The City intends to ground spray within a half-mile radius of the affected areas (see maps below) tomorrow night (9/4), Friday night (9/5), and Saturday night (9/6) in accordance with the City’s West Nile Virus Action Plan—weather permitting.

For more information on what Southlake is doing in the area of mosquito surveillance and control, please see CityofSouthlake.com/WestNileVirus.

Half mile radius of 870 Shady Ln.

Half mile radius of 870 Shady Ln.

Half mile radius of 2201 Shady Oaks.

Half mile radius of 2201 Shady Oaks.

Half mile radius of Southridge Lakes.

Half mile radius of Southridge Lakes.

Second Positive Sample for West Nile Virus Found

The City of Southlake has been notified that a mosquito sample tested positive for West Nile Virus. The sample was taken from a trap in the 700 Block of Ashleigh Lane, located in Timarron.

The City will ground spray within a half-mile of the location around where the sample was found (see map below). Ground spraying will take place tomorrow night (8/28), Friday night (8/29) and Saturday night (8/30), after 9 p.m. in accordance with the City’s West Nile Virus Action Plan.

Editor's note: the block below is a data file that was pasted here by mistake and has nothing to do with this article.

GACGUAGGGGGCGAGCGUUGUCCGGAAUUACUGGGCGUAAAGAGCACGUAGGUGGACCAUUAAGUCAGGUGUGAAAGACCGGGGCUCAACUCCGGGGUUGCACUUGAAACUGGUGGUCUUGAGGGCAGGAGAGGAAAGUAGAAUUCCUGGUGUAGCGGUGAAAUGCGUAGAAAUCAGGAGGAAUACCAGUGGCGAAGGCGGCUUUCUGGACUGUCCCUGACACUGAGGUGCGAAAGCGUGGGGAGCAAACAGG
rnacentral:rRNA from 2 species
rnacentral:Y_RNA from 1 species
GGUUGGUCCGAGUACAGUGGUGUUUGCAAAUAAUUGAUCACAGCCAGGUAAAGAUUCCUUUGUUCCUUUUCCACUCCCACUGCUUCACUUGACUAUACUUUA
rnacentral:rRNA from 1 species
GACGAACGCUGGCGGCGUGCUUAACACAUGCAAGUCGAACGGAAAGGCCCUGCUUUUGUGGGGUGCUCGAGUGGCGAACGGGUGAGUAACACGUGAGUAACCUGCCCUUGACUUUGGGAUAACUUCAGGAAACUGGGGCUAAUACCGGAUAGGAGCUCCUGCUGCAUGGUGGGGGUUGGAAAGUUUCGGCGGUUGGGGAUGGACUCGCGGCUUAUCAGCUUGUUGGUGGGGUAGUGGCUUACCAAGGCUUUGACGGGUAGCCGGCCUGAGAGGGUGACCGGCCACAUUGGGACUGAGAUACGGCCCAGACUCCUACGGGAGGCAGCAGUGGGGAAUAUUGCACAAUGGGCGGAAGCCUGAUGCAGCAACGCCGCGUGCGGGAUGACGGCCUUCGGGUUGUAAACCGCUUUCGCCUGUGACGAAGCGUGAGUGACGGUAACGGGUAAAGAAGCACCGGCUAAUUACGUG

“Many people don’t realize that backyards are unintended breeding grounds for mosquitoes,” explains Public Works Director Bob Price. “Mosquitoes prefer stagnant water and any area that holds a little more than a teaspoon of undisturbed water for a couple of days can become a breeding ground for mosquitoes.”

Price reminds everyone to Fight the Bite. Be sure to check your property for standing water. In addition check containers, house gutters and French drains, your water meter box, tree holes, blocked irrigation heads, gutter drains and other underground pipes, pool overflow pipes, storm drains for the presence of standing water. Finally, don’t forget to use insect repellent whenever you are outside where mosquitoes may be present.

For more information on what Southlake is doing in the area of mosquito surveillance and control, visit CityofSouthlake.com/WestNileVirus.

The sample was taken from a trap at 700 Ashleigh Lane, which is located south of Rockenbaugh Elementary School.

The sample was taken from a trap at 700 Ashleigh Lane, which is located south of Rockenbaugh Elementary School.